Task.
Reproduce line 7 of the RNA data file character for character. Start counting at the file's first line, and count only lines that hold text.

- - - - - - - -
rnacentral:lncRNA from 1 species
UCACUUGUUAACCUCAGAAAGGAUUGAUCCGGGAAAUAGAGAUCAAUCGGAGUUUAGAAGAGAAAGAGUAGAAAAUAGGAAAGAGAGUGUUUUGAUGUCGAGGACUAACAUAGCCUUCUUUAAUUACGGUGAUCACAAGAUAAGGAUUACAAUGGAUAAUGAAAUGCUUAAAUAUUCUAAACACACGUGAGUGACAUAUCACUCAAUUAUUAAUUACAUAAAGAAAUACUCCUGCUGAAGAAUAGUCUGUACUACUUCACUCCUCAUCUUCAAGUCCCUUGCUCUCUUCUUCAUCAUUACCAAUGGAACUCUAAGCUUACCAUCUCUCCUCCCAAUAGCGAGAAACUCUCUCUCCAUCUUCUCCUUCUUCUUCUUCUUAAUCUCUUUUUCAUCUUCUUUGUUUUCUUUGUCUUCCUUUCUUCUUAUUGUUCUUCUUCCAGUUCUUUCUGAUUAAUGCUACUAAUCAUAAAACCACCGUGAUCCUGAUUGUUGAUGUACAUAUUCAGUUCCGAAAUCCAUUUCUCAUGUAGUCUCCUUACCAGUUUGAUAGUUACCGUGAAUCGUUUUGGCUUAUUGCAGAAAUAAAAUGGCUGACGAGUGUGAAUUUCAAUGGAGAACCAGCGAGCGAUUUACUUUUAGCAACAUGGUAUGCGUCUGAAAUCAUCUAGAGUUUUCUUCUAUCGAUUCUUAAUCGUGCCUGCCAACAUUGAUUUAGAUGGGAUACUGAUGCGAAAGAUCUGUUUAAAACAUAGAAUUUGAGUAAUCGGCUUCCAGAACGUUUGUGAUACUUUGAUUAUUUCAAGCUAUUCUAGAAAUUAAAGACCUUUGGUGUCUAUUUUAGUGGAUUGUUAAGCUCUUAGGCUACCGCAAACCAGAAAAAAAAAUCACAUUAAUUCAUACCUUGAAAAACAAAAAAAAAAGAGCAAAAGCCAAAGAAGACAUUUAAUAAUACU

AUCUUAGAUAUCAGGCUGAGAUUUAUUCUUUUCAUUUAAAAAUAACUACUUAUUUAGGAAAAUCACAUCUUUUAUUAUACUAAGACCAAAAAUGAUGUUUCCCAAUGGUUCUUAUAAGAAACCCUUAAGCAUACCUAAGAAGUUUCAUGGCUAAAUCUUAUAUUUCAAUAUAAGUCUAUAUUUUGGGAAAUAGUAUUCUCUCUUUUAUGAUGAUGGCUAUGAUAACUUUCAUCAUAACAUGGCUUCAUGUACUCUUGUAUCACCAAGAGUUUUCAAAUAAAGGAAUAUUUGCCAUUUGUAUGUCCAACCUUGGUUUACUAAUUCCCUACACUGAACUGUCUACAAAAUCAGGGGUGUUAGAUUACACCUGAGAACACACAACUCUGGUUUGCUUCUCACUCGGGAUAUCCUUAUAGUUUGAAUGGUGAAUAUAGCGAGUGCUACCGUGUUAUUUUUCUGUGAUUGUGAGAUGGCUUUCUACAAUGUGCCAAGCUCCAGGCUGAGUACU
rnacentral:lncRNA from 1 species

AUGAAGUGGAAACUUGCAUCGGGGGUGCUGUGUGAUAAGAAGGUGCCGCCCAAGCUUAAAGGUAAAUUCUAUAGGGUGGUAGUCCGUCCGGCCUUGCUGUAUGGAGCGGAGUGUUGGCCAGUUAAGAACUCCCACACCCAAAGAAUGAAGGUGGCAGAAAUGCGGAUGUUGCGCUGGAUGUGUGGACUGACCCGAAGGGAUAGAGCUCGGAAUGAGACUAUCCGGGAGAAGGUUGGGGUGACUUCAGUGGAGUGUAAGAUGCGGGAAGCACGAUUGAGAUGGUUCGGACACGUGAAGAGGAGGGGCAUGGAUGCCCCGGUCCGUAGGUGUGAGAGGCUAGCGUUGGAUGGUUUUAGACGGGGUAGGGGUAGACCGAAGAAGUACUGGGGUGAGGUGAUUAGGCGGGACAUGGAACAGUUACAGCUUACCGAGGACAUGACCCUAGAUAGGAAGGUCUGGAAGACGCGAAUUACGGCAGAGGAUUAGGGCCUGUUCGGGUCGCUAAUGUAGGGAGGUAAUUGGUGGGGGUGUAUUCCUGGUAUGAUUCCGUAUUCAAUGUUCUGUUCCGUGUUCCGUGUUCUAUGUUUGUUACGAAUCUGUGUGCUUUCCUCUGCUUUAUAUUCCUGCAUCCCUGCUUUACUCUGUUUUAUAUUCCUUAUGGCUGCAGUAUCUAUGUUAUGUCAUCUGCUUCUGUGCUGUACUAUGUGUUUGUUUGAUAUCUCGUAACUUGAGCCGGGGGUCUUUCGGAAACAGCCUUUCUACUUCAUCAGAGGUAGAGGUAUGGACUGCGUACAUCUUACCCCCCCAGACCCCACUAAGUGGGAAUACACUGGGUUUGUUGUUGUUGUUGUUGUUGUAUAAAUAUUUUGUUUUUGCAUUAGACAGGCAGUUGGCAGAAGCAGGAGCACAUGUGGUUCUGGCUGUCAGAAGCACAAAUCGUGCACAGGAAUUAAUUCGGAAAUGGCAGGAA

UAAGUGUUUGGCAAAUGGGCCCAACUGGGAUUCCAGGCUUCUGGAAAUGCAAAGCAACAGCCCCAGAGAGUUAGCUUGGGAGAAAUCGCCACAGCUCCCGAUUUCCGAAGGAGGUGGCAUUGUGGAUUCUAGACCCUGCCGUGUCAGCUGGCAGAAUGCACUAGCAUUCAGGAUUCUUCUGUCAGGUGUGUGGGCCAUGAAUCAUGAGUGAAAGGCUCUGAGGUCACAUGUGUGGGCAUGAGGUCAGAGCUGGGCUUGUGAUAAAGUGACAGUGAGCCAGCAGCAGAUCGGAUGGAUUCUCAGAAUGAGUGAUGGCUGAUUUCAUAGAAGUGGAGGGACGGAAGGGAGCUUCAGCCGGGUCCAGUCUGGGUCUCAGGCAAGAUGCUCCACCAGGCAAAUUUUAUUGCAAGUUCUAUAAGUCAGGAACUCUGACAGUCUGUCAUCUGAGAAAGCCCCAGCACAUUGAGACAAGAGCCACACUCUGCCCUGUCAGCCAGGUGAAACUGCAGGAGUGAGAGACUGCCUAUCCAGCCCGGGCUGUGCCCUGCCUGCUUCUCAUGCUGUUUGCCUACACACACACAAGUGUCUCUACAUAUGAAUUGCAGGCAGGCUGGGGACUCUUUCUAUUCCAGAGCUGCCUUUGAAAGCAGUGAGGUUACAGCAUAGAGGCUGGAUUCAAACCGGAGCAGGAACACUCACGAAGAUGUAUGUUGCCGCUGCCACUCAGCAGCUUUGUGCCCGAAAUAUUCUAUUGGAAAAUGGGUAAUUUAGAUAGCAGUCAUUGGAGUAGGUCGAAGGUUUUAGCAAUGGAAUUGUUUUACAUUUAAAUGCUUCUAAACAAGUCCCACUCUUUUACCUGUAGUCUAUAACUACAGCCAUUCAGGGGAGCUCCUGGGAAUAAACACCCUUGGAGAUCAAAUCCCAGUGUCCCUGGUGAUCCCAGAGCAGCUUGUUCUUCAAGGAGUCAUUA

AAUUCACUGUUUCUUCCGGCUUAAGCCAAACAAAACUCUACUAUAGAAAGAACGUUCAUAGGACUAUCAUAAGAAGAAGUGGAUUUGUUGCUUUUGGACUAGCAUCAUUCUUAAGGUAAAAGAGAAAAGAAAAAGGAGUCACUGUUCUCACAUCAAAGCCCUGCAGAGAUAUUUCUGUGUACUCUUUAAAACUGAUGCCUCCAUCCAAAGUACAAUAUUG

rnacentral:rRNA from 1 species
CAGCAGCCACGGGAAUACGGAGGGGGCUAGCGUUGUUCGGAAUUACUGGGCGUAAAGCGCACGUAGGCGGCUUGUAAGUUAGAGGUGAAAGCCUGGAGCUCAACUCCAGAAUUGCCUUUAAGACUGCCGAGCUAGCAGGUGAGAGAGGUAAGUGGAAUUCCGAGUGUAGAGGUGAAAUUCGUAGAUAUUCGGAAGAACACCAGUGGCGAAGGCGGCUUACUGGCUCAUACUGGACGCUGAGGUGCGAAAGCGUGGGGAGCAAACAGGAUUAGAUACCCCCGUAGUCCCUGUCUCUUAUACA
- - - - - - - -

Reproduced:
AAUUCACUGUUUCUUCCGGCUUAAGCCAAACAAAACUCUACUAUAGAAAGAACGUUCAUAGGACUAUCAUAAGAAGAAGUGGAUUUGUUGCUUUUGGACUAGCAUCAUUCUUAAGGUAAAAGAGAAAAGAAAAAGGAGUCACUGUUCUCACAUCAAAGCCCUGCAGAGAUAUUUCUGUGUACUCUUUAAAACUGAUGCCUCCAUCCAAAGUACAAUAUUG